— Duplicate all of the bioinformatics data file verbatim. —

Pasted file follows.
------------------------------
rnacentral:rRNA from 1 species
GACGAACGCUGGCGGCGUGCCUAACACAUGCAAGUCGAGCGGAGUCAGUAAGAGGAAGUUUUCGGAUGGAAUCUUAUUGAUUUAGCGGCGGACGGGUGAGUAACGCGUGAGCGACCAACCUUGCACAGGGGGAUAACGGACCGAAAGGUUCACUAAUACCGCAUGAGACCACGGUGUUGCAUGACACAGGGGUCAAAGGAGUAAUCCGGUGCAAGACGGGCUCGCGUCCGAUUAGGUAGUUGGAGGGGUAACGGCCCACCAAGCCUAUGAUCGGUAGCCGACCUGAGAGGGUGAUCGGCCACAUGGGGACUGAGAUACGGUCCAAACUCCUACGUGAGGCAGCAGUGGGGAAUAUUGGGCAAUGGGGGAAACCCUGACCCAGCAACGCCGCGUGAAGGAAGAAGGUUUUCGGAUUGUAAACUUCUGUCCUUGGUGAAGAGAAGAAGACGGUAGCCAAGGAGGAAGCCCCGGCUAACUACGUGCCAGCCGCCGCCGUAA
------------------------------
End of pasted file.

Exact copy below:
rnacentral:rRNA from 1 species
GACGAACGCUGGCGGCGUGCCUAACACAUGCAAGUCGAGCGGAGUCAGUAAGAGGAAGUUUUCGGAUGGAAUCUUAUUGAUUUAGCGGCGGACGGGUGAGUAACGCGUGAGCGACCAACCUUGCACAGGGGGAUAACGGACCGAAAGGUUCACUAAUACCGCAUGAGACCACGGUGUUGCAUGACACAGGGGUCAAAGGAGUAAUCCGGUGCAAGACGGGCUCGCGUCCGAUUAGGUAGUUGGAGGGGUAACGGCCCACCAAGCCUAUGAUCGGUAGCCGACCUGAGAGGGUGAUCGGCCACAUGGGGACUGAGAUACGGUCCAAACUCCUACGUGAGGCAGCAGUGGGGAAUAUUGGGCAAUGGGGGAAACCCUGACCCAGCAACGCCGCGUGAAGGAAGAAGGUUUUCGGAUUGUAAACUUCUGUCCUUGGUGAAGAGAAGAAGACGGUAGCCAAGGAGGAAGCCCCGGCUAACUACGUGCCAGCCGCCGCCGUAA